Analysing terrain data
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The exposure grade does not take into account objective hazards (stone fall, seracs, etc) but only the consequences of the skier falling.
Low Exposure (E1): Exposure is limited to that of the slope itself. Getting hurt is still likely if the slope is steep and/or the snow is hard.
Medium Exposure (E2): As well as the slope itself, there are some obstacles (such as rock outcrops) which could aggravate injury.
High Exposure (E3): In case of a fall, death is highly likely.
Extreme Exposure (E4): In case of a fall, the skier faces certain death.
Quite possibly the most well known run in Scotland, the Flypaper flanks Glencoe Mountain resort on its steep north eastern side. Home of Scottish Freedom Series’ Coe Cup and with ample rocky drops positioned throughout the length of the run, this is also a freeriders' paradise.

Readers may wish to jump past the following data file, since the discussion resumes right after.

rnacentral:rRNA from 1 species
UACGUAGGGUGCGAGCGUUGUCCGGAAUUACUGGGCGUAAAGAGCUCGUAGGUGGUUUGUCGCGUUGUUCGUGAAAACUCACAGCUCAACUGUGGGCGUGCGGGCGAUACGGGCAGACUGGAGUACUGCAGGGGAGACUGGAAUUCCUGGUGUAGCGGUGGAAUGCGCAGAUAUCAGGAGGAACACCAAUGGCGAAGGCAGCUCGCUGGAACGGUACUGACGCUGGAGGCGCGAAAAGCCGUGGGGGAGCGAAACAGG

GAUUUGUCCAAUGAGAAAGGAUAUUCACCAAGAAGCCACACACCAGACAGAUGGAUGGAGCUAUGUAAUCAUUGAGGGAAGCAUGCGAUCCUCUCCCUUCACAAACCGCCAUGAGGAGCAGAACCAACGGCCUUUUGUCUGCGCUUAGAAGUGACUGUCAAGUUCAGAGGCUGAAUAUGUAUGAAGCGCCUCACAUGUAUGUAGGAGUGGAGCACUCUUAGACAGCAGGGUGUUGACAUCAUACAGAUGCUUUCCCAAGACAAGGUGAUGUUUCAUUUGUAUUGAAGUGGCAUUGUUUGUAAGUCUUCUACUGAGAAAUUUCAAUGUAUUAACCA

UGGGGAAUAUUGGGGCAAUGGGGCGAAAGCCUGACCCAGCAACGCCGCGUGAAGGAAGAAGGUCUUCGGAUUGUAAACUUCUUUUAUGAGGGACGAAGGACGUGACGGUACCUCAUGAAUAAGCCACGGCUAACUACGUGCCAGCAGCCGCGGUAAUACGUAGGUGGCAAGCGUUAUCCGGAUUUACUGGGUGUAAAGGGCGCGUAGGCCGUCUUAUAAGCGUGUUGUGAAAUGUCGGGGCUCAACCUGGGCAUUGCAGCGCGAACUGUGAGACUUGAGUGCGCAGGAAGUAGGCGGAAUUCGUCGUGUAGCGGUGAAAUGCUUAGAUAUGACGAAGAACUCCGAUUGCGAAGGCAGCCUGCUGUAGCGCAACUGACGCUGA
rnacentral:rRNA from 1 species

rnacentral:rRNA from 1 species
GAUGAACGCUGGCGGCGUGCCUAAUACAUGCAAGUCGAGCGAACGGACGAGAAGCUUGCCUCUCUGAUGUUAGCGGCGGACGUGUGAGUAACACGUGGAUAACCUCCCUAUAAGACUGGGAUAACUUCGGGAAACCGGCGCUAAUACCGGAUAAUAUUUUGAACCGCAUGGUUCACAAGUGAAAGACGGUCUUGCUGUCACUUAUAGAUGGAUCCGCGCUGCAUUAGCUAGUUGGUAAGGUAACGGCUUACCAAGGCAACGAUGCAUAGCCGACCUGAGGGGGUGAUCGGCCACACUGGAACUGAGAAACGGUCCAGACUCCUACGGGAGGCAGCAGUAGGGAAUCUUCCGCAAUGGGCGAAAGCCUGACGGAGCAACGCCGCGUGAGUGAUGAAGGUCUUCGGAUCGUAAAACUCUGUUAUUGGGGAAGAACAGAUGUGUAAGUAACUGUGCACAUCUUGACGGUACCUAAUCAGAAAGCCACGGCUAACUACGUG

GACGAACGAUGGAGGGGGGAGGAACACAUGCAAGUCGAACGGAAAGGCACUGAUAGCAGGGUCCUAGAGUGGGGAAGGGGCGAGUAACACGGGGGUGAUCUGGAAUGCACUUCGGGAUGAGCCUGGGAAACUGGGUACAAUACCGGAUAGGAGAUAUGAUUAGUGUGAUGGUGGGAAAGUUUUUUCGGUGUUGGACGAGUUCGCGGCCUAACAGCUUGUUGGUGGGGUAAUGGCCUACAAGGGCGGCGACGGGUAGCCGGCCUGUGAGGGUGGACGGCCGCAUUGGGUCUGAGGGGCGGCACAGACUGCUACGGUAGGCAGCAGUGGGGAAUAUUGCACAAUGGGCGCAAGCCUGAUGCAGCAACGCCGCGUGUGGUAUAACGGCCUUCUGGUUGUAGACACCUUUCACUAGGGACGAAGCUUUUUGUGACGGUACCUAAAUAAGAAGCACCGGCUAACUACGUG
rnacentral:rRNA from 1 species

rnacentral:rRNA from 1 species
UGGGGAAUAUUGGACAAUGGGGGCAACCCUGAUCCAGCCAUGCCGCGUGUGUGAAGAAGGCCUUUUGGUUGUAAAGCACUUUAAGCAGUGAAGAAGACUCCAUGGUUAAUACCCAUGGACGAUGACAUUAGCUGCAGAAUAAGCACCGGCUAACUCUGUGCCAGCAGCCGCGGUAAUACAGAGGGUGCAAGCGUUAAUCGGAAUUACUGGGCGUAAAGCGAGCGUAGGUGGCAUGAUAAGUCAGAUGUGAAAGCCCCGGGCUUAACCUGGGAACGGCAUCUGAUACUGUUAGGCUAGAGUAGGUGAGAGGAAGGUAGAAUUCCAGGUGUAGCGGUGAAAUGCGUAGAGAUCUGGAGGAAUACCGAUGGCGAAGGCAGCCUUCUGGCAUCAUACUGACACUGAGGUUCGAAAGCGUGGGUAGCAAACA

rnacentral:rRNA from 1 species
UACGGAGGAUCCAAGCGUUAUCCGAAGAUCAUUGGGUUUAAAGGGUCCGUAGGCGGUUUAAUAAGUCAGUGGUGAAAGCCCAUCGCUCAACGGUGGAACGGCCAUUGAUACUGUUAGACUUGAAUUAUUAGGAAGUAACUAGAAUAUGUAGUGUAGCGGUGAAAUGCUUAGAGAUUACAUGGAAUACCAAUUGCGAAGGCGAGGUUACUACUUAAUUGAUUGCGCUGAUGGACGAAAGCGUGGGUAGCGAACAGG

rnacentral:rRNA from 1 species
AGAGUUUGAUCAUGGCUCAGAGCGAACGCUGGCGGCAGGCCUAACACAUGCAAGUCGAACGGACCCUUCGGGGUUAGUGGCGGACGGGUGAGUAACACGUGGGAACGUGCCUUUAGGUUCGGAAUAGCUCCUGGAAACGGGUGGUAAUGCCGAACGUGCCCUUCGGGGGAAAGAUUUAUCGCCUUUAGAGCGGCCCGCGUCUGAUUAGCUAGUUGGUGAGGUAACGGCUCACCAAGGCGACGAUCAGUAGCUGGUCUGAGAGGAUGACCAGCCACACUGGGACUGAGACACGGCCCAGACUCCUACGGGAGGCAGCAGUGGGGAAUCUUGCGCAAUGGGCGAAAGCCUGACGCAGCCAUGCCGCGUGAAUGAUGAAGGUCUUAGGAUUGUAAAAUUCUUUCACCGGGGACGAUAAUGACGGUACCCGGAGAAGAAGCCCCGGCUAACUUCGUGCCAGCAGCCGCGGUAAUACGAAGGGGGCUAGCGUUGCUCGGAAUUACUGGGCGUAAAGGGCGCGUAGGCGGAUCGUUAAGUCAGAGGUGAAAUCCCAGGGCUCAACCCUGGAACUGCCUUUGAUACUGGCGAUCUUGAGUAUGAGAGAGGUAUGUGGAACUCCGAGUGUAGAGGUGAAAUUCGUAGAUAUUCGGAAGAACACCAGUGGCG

Expert skiers can choose their own unique way down as they play about with the terrain and charge their way through this steep face. The Flypaper is accessed by skating your way from the top of the Ranch Bottom Tow in an easterly direction, until you reach the top of a convex rollover that marks the top of the Flypaper.
The top is usually quite enticing, with a convex rollover soon ramping up the inclination until you’re full committed to skiing the Flypaper.
There generally isn’t too much information needed for route finding once you’re on the face itself, just buckle up and keep your footing for a great ride on the quiet side of Glencoe. Intermediate - advanced skiers may prefer to drop down the ridge on the skier’s left hand side a little, to drop into the Flypaper slightly lower down where a slightly easier traverse is available for them to get onto the face.
Dropping down lower also gives you less exposure with a shorter slide to the bottom in the event of a fall. Once at the bottom, make a skier’s left traverse back around to the resort to get the lifts back up for another lap on this awesome run!